What is the Average Weight Gain During Pregnancy?


10:19 am February 15, 2012

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Whether you like it or not, you are going to gain weight when you get pregnant. You should remember that this is not about getting fat. It is about growing a baby and supporting it inside your own body. The exact figures vary from woman to woman, but the average weight gain during pregnancy depends largely on your Body Mass Index (BMI) before you became pregnant.

To find out how much you should gain during your pregnancy, calculate your BMI by dividing your weight in pounds over your height in inches squared multiplied by 703. For instance, if you weigh 110 pounds and are 5’1” tall, you can calculate your BMI by doing the following:

 110 lbs/(61 in x 61 in) x 703 = 20.78

This is within the normal BMI range of 18.5 to 24.9 for women of this height and weight. The average weight gain during pregnancy for women with a normal BMI should be between 25 and 35 pounds. For underweight women, or for women who have a BMI below 18.5, they should pack on at least 28 to 40 pounds to be able to carry a healthy baby to term. Even overweight women, or those who have a BMI of 25 to 29.9, should have an average weight gain during pregnancy of 15 to 24 pounds. Those who have a BMI of 30 or more are classified as obese, but they should gain up to a maximum of 20 more pounds.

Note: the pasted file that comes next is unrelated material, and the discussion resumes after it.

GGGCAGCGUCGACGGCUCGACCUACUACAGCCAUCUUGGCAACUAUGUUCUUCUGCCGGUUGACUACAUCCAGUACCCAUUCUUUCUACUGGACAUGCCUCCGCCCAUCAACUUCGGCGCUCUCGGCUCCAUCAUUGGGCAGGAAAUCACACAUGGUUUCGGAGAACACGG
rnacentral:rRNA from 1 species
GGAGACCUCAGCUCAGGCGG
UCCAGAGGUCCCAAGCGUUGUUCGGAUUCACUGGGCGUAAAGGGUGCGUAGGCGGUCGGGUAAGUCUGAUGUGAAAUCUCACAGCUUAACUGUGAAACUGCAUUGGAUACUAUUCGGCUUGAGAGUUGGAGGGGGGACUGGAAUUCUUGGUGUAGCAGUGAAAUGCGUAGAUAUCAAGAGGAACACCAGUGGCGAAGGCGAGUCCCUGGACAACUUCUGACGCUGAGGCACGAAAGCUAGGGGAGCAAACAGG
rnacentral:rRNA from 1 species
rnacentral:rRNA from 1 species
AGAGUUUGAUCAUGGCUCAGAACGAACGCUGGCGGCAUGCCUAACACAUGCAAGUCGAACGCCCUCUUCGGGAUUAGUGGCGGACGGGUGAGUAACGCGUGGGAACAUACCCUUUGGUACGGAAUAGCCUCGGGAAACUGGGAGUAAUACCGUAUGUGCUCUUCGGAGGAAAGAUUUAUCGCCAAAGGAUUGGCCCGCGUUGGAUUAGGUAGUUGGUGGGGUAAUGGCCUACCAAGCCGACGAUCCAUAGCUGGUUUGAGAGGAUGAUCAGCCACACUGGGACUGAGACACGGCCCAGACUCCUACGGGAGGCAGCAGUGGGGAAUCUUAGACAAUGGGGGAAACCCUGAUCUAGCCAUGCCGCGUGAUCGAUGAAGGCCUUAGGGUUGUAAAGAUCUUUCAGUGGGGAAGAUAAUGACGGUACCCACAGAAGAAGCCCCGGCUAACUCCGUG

Breaking Down the Numbers

You wouldn’t think that the average weight gain during pregnancy is composed completely of fat, would you? Fat makes up only a fraction of the pounds you’re putting on. The rest is found in other important developments in your body while it prepares itself for pregnancy, childbirth, and breastfeeding.

  • Baby – A normal, healthy baby weighs an average of 8 pounds.
  • Uterus – Your uterus increases in size to accommodate your baby. It adds around 2 to 5 pounds more.
  • Placenta – You develop a placenta, which is around 2 to 3 pounds heavy, to supply your baby with food and oxygen.
  • Amniotic Fluid – It is a fluid that’s another 2 or 3 pounds surrounding your baby.
  • Breast Tissue and Fat Reserves – You’ll be adding at least 2 to 3 pounds of breast tissue and up to 9 pounds of fat, which you’ll need for breastfeeding later on.
  • Blood Supply – That’s another 4 pounds of weight.

Slow and Steady

The average weight gain during pregnancy is not an abrupt upsurge on the scale. It is a gradual increase that starts off at around 4 pounds during the first trimester because the baby is still very small during that time.On the second and third trimesters, the average weight gain during pregnancy evens out to around one pound every month, which then stops when you give birth. However, the average weight gain during pregnancy for moms-to-be who are having twins or multiples should naturally be higher because they’re supporting more babies than one. It is still best to ask your doctor the healthiest amount of weight to gain in this case.

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